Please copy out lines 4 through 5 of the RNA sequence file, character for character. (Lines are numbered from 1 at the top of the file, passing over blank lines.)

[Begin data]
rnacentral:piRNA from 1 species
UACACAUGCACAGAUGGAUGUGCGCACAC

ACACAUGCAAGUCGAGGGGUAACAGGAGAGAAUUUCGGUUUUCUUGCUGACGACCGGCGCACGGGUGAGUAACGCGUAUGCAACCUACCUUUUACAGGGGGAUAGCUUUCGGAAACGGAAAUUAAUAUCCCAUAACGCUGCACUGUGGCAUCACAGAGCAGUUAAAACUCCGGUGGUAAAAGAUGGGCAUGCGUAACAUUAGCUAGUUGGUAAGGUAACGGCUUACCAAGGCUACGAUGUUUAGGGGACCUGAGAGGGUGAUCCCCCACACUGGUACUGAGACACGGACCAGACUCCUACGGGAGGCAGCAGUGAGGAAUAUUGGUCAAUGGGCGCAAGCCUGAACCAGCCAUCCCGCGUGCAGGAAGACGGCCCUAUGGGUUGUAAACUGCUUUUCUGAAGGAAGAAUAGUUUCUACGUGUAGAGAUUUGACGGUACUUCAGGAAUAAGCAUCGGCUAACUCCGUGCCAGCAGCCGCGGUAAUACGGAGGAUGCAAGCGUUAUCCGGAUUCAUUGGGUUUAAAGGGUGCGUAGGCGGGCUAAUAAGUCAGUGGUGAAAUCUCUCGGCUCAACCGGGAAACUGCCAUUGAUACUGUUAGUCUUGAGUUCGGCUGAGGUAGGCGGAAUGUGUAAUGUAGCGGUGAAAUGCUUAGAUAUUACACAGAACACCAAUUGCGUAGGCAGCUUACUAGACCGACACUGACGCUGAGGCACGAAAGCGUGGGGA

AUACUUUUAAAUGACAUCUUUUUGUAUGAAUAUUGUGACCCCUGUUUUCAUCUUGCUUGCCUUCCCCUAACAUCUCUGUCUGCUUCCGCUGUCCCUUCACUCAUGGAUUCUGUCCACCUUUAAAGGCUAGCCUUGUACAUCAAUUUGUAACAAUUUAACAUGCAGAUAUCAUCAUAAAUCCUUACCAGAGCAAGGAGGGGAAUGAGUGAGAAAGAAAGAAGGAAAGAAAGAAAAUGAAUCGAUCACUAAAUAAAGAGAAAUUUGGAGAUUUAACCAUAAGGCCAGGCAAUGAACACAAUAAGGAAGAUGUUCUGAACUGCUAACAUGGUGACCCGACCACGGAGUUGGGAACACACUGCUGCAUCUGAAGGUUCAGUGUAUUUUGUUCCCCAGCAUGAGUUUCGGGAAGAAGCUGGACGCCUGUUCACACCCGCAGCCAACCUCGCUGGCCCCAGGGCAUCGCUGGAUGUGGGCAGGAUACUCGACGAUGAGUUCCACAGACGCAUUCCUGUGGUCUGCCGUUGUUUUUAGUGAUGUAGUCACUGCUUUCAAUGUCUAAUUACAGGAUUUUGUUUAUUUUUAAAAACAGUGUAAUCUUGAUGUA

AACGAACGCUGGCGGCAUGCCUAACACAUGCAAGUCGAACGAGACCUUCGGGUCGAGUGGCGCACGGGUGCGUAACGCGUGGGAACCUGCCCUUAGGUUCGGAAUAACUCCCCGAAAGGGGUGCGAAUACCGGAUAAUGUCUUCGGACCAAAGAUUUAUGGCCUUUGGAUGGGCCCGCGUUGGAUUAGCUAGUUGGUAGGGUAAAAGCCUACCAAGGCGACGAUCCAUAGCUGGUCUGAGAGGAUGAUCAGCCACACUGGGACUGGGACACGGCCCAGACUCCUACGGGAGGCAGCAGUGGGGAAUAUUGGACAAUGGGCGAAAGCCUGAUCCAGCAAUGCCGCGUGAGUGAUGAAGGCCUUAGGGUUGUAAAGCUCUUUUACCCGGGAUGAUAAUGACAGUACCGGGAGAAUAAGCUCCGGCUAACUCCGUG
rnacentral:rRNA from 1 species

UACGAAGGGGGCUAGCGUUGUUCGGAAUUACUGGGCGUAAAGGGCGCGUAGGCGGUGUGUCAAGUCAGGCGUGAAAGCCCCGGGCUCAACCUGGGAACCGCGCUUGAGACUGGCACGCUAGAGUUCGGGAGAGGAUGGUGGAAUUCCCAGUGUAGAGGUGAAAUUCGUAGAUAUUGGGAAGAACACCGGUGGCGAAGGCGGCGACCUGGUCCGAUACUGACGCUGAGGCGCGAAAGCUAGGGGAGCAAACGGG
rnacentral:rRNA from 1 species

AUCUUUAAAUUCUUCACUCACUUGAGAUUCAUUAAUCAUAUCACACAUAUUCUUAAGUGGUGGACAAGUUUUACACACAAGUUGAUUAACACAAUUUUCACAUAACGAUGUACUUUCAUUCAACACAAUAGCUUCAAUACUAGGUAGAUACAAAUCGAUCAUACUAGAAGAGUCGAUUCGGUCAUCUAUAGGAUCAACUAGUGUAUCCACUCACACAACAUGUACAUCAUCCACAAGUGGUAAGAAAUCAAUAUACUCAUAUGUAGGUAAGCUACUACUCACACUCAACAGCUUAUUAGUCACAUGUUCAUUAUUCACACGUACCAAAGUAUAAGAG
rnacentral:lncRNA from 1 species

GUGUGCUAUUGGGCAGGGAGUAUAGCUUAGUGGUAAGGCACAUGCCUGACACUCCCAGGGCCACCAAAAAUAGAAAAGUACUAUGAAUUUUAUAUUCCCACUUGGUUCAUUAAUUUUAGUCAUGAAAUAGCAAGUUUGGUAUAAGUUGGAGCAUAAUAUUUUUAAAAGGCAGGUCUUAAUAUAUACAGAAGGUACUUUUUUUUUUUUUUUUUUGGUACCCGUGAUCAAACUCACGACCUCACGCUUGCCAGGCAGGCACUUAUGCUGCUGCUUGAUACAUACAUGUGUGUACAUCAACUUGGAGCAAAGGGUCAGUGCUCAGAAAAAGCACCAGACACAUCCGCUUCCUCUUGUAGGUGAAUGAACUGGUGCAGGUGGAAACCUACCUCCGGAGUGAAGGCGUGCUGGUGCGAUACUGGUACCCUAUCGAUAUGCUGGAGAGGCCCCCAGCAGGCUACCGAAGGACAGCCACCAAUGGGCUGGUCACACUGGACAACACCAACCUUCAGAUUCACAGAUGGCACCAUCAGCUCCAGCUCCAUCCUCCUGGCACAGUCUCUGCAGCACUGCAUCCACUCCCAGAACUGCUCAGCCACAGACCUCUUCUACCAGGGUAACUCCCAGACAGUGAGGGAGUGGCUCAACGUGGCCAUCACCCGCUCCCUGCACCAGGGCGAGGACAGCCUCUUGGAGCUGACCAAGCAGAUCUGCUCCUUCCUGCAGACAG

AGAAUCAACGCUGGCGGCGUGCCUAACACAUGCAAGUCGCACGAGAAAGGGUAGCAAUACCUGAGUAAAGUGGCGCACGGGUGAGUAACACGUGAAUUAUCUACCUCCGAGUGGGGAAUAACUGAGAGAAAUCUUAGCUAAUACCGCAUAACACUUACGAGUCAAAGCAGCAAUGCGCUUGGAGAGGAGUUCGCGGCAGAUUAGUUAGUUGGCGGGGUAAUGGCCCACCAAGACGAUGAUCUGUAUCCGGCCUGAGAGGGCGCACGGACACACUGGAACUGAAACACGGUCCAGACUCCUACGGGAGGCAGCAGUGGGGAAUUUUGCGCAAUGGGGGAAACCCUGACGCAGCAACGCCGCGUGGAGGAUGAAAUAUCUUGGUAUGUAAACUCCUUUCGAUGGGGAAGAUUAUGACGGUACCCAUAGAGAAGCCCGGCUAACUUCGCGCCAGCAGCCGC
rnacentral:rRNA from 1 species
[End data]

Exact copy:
AUACUUUUAAAUGACAUCUUUUUGUAUGAAUAUUGUGACCCCUGUUUUCAUCUUGCUUGCCUUCCCCUAACAUCUCUGUCUGCUUCCGCUGUCCCUUCACUCAUGGAUUCUGUCCACCUUUAAAGGCUAGCCUUGUACAUCAAUUUGUAACAAUUUAACAUGCAGAUAUCAUCAUAAAUCCUUACCAGAGCAAGGAGGGGAAUGAGUGAGAAAGAAAGAAGGAAAGAAAGAAAAUGAAUCGAUCACUAAAUAAAGAGAAAUUUGGAGAUUUAACCAUAAGGCCAGGCAAUGAACACAAUAAGGAAGAUGUUCUGAACUGCUAACAUGGUGACCCGACCACGGAGUUGGGAACACACUGCUGCAUCUGAAGGUUCAGUGUAUUUUGUUCCCCAGCAUGAGUUUCGGGAAGAAGCUGGACGCCUGUUCACACCCGCAGCCAACCUCGCUGGCCCCAGGGCAUCGCUGGAUGUGGGCAGGAUACUCGACGAUGAGUUCCACAGACGCAUUCCUGUGGUCUGCCGUUGUUUUUAGUGAUGUAGUCACUGCUUUCAAUGUCUAAUUACAGGAUUUUGUUUAUUUUUAAAAACAGUGUAAUCUUGAUGUA

AACGAACGCUGGCGGCAUGCCUAACACAUGCAAGUCGAACGAGACCUUCGGGUCGAGUGGCGCACGGGUGCGUAACGCGUGGGAACCUGCCCUUAGGUUCGGAAUAACUCCCCGAAAGGGGUGCGAAUACCGGAUAAUGUCUUCGGACCAAAGAUUUAUGGCCUUUGGAUGGGCCCGCGUUGGAUUAGCUAGUUGGUAGGGUAAAAGCCUACCAAGGCGACGAUCCAUAGCUGGUCUGAGAGGAUGAUCAGCCACACUGGGACUGGGACACGGCCCAGACUCCUACGGGAGGCAGCAGUGGGGAAUAUUGGACAAUGGGCGAAAGCCUGAUCCAGCAAUGCCGCGUGAGUGAUGAAGGCCUUAGGGUUGUAAAGCUCUUUUACCCGGGAUGAUAAUGACAGUACCGGGAGAAUAAGCUCCGGCUAACUCCGUG